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  11. I can not dispose of my books either. It would be the same as lopping off a friendship! We moved house twice during the last five years, each time into smaller homes and I was forced to do some eliminating (duplicates and ones I had really not liked) ... very traumatic. I miss them still. I donated most to library sales and was sorely tempted to go and buy them back.

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    1. Jill I sometimes look for a book I know that I have only to find that it's gone in one of my culls. I then spend ages wondering how I could ever have let it go.

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  12. I definitely wouldn't be offended if you perused my bookshelves. I absolutely LOVE books and I can't bear to get rid of them, unless I really disliked the book. Every bookshelf I have (and there are many) is full of books. In fact, anytime I am in a book shop, I have a compulsion to buy at least one... usually more! Our adult children always know where to come if they don't have any new reading material.
    I love your thought provoking/conversation starting posts! I love your photography posts to (but you already knew that). :)

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    1. Thank you Liz. I don't buy anywhere near as many books now as I used to and, to be honest, I don't read as many either. Many of my books on my visible bookshelves (I have far more on bookshelves in the loft) are reference books. Nowadays, ironically, it is often much easier just to Google what one wants to know. Friends do come and 'raid' my shelves (even braving the loft to do so) for reading material.

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  13. In all fairness it's been six years but I'm having a strong sense of deja vu, oh and from last year as well. Maybe we should add a book of memory exercises to a shelf somewhere :)

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    1. Mark I tried memory training years ago in my 20s starting with Mum's books on Pelmanism: all to no avail. I learned to accept that I have an appalling memory.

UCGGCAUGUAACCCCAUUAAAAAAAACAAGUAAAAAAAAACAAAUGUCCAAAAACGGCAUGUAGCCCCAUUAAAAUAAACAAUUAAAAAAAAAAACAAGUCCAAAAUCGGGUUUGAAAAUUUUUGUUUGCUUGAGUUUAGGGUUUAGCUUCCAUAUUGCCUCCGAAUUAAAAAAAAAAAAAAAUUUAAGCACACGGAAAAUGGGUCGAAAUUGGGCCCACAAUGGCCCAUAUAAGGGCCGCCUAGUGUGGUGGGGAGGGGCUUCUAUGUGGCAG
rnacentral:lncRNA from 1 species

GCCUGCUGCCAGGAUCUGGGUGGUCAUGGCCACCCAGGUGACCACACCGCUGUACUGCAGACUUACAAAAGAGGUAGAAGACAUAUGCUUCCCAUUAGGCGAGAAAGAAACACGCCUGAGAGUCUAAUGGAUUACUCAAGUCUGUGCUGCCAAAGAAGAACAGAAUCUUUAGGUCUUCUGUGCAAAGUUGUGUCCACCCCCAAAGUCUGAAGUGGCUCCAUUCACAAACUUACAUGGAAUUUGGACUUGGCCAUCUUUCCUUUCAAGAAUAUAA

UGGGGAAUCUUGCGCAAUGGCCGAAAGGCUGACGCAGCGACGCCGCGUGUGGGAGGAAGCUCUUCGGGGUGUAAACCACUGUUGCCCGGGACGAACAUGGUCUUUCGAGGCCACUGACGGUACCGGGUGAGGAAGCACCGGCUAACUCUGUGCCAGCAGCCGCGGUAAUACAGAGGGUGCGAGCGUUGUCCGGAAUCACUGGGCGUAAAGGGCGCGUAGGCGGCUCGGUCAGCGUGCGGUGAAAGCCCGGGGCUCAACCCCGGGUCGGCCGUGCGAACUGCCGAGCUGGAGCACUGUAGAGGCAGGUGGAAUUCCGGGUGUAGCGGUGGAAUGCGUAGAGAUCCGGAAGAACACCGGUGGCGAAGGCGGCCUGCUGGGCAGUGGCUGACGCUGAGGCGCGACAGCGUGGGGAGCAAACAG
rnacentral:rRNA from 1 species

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  14. You would be welcome to look at my bookshelves but I doubt you would learn a lot because most of my books have been given away.
    I read recently that one should be wary of anyone whose TV is bigger than their bookcase and through no choice of mine, I think I fail that test. I can also say that t here is probably more than a grain of truth in it.

    I really enjoyed this post

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    1. Thank you Kylie. I'm glad you enjoyed the post. Dare I ask why you parted with your books or are you just not a hoarder?

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    2. The short story is that we have no room. In general I am not a hoarder but I have difficulty getting rid of fabrics whether it be pieces that have never been made into anything or finished items that I have a particular attachment to

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  15. Looking at people's bookcases is a favourite occupation of mine and most thinking people are happy when you ask them because it means you're taking an interest in them and their tastes.

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  16. You're welcome to peruse my bookcase anytime GB.

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    1. Thank you Virginia. I'd love to say that one day I might just pop in but I think it unlikely I shall ever be over that side of the world.